No unauthorised GM ingredients have been found in tests on tortilla chips following an investigation by the Food Standards Agency. Friends of the Earth had claimed in November that some tortilla chips in the UK contained low levels of the unauthorised GM maize varieties GA21 and DBT418.

An independent analysis of the flour used in the chips was undertaken by US based Genetic-ID, a leading laboratory in this field. The UK's Advisory Committee on Novel Foods and Processes has already advised that there would be no safety concern if such low levels of DNA were present, as stated by Friends of the Earth.

A total of 11 flour samples were analysed using the authentic GM maize GA21 and DBT418, for comparison. All samples came from the same batches of flour used in the production of tortilla chips analysed by German based lab Genescan for Friends of the Earth. In all cases no unauthorised GM ingredients were found.

The Food Standards Agency has also assessed information provided by Law Laboratories, Reading Scientific Services Limited and Genetic-ID regarding the sensitivity and reliability of the detection methods used. This has shown that, as with all analytical techniques, there is a point below which results become unreliable. It also demonstrated the need for care when interpreting results from methods operating at the limits of sensitivity.

Nick Tomlinson, Head of Novel Foods at the Agency, said:

"In the case of detection methods for specific GM varieties the Agency is of the view that, based on the information provided by the laboratories, the current limit at which meaningful conclusions can be drawn is 0.1%. The Agency also confirms that there are no food safety implications associated with the very low levels of GM material that Friends of the Earth claim to have found."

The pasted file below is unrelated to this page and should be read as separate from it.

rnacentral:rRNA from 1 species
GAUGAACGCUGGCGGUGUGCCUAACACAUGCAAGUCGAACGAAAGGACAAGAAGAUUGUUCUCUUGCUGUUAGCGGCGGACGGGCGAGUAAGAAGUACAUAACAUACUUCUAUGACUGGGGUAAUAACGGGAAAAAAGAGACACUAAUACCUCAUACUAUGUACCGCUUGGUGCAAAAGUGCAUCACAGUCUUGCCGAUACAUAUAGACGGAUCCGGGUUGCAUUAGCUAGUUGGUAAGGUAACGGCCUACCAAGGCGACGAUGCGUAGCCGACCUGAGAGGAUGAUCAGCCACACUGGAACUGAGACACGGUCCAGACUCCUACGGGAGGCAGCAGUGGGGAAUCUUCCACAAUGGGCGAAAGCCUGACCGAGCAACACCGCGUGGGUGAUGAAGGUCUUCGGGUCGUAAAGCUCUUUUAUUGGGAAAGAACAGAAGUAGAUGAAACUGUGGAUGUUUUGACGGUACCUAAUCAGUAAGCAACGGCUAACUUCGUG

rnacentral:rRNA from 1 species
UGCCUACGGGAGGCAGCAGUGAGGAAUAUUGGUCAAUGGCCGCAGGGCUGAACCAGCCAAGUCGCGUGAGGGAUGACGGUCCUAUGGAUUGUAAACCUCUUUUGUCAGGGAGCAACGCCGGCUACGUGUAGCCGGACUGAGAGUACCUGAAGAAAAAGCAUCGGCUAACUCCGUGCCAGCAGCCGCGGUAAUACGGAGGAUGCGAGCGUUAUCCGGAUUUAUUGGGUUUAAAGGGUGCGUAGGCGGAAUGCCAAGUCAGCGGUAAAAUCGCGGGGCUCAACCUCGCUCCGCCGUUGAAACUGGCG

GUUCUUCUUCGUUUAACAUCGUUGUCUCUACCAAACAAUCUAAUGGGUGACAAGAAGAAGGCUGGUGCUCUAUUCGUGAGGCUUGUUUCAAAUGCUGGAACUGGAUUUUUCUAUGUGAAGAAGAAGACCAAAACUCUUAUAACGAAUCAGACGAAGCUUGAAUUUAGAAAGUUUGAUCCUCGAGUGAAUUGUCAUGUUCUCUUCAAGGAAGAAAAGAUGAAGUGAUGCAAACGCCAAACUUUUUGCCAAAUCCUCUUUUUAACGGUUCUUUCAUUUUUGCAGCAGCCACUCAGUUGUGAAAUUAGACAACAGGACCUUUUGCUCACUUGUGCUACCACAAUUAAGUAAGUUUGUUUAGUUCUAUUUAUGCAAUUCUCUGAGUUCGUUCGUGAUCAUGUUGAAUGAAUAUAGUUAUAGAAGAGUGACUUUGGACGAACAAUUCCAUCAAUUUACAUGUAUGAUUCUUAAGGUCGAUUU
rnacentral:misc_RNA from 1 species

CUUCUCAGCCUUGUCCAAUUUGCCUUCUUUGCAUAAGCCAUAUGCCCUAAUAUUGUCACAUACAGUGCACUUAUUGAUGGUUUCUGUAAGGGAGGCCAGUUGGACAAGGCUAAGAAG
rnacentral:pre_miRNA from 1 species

Sandy Myers, vice president of Genetic-ID, confirmed that "the sampling systems, extraction techniques and detection methodology applied create uncertainty below 0.1%. This uncertainty raises doubts about the reproducibility of results regarding the absence or presence of GMO's and in particular cannot guarantee the identity of the variety concerned below the threshold of 0.1%".

The Agency is planning to hold an open meeting early in the new year with all interested parties to debate the issues that arise from the possible presence of very low levels of GM materials and to investigate what further action may be necessary at EU level.

NOTES FOR EDITORS

  1. The GM maize varieties GA21 and DBT418 have been approved for human consumption in the US but not the EC.
  2. Studies on the tortilla chips were carried out first to determine whether any GM material was present. To increase the probability of detecting the presence of any unapproved varieties, flour samples used to produce the tortilla chips were subsequently tested. The tests were funded by the industry but entirely independently conducted.
  3. A copy of the independent test results and the other information considered by the Agency is available on the Agency's website at www.foodstandards.gov.uk
    farm_fork/gm_food.htm
    . Details of the methodology used can be found on the Genetic ID website at http://www.genetic-id.com
    pages/services_testintro.asp
    . Details of the methodology used by Genescan and their limits of detection can be found at http://www.genescan-europe.com
  4. The detection method used by Genescan, Genetic-ID and RSSL looks for specific sequences of introduced DNA. DNA itself is non-toxic and present in nearly all foods. The introduced DNA in GA21 and DBT418 produces very low levels of specific proteins. These proteins are highly degraded during the processing of maize into tortilla chips.
  5. The Food Standards Agency wrote to the British Retail Consortium about the use of non-approved GM ingredients in tortilla chips on 6 November 2000. The Agency issued a statement saying there was no health risk from unauthorised GM ingredients in tortilla chips on 14 November 2000.
  6. Current labelling laws require any product containing GM material (DNA or protein) to be labelled as containing GM ingredients although if the ingredient was obtained form a non-GM source, labelling is not required if the level of GM material in the ingredient is less than 1%.